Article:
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Tuesday, March 31, 2015

Put Your Head Down and Pull the Cart

Holy Week readings for the Daily Office supplement our reflections on the passion of our Lord. This week, as I have mentioned several times, is in liturgical 'real time'--the last week of Jesus is well documented and we can dig deeply into them on the days of the week they took place. 

Monday we read from Jeremiah 12:1-6. It is a challenging reading, as it faces the very questions which atheists and agnostics throw in our face when they make their arguments against God-belief. I will paraphrase Jeremiah's words and God's response.

(Jeremiah) I know you will win the argument, Lord, but I do wonder why evil people prosper? It seems like there is no justice, the bad guys do well. Poor folks are getting the raw end of the deal, they try to do right but the oppressors walk away with the victory. The folks who say that God does not matter seem to be right.
(God) Jeremiah, if you cannot handle the present troubles what are you going to do when the real problems arrive? This is nothing compared to what you will face in the future. Unfortunately, it turns out that your own family has betrayed you and intends to do you harm--do not trust them.

There is not much prosperity gospel in Jeremiah. His experience was not one of "abundant blessings" even if the Lord did provide for him. Jeremiah is not a foot stomping, hand clapping, "ain't life grand!" happy believer. He lived in dark days with a gathering storm which would destroy all that he knew and loved. He also had insight into God, a God who mourned the loss of His "beloved" (v7) people whose infidelity and rejection and injustice were now coming home to roost. They have made it desolate and it mourns Me declares God about His people. So God confirms their choices and makes them desolate.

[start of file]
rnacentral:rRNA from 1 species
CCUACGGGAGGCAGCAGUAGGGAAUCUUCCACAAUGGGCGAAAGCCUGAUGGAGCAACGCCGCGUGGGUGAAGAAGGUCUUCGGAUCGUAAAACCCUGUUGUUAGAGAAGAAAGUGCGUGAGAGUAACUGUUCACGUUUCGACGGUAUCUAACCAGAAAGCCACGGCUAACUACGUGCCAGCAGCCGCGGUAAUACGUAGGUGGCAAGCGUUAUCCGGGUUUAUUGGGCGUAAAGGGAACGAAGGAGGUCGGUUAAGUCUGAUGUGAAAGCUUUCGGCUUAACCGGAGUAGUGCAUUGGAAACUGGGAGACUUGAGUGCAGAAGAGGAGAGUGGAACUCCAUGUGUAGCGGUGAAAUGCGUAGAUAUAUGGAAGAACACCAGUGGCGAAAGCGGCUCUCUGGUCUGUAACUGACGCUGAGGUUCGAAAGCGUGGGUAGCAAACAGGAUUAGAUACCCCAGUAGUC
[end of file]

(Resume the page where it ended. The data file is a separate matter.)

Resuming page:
Why is the world the way it is? How come the innocent suffer and the bad guys win so often? Why is injustice often the way to great riches? I think Jeremiah's answer is that God hands us (corporately) over to our choices. The world is ours, in many ways, and we are free to do as we choose. Those choices have consequences, both in this world and in the Divine realm. Judgment, here and now, is often less than just to our eyes. God does not intervene as we deem He should or must. The God of Jeremiah does act, but it is concert with our actions. Jeremiah's doom and gloom are reflective of his time--the fall of the nation and destruction of the Temple were really gloomy. Yet, in other places, we hear a promise of future renewal. Dark days will give way to new light. Hope is the final message, even if in the meantime there are unpleasant days.

Too often God is described as the one who makes all our troubles go away. He is a helicopter mom/dad ever ready to rescue us from any folly. No consequences, no challenges. The words of Jeremiah add another layer to our theo-logy (God talk). Here is the Father God who tells his children, "Suck it up. If you think this is tough you are not going to be able to handle what comes next." The Lord, because He loves us, wants us to be brave and strong, too. We are here to build souls ready to love and worship God. Faithful service is central. Jesus learned obedience through what He suffered, unfortunately we need the same lessons. That is what it means to live in a fallen world, a place where some may doubt God exists, but no one can doubt there is sin and evil! In such a world, we must often time lower our head and pull the cart. Slowly walking with our load. Doing it all, regardless of the circumstances, because we love the One Who made us, we adore the One Who is saving us, and we obey the One Who calls us into fellowship with Him. 


Sunday, March 29, 2015


Jesus' death is writ large today in liturgical churches. Sundays are the day when the whole community gathers, so today, after the Palm Procession (the 'real time' part of reliving Jesus last week) we will enter the church and the Gospel account will be the Passion of our Lord Jesus Christ. Next Sunday, Easter, we will read the rest of the story.

On Thursday and Friday, once again in 'real time', we will remember and celebrate the Last Supper and Crucifixion on the days that they happened that first time. Those days are less well attended. In many places people, including Christians, will celebrate Easter egg hunts. Not sure why Good Friday is a good day for Easter egg hunts in the mind of Christians, but then most Christians in these parts are intentionally non-liturgical.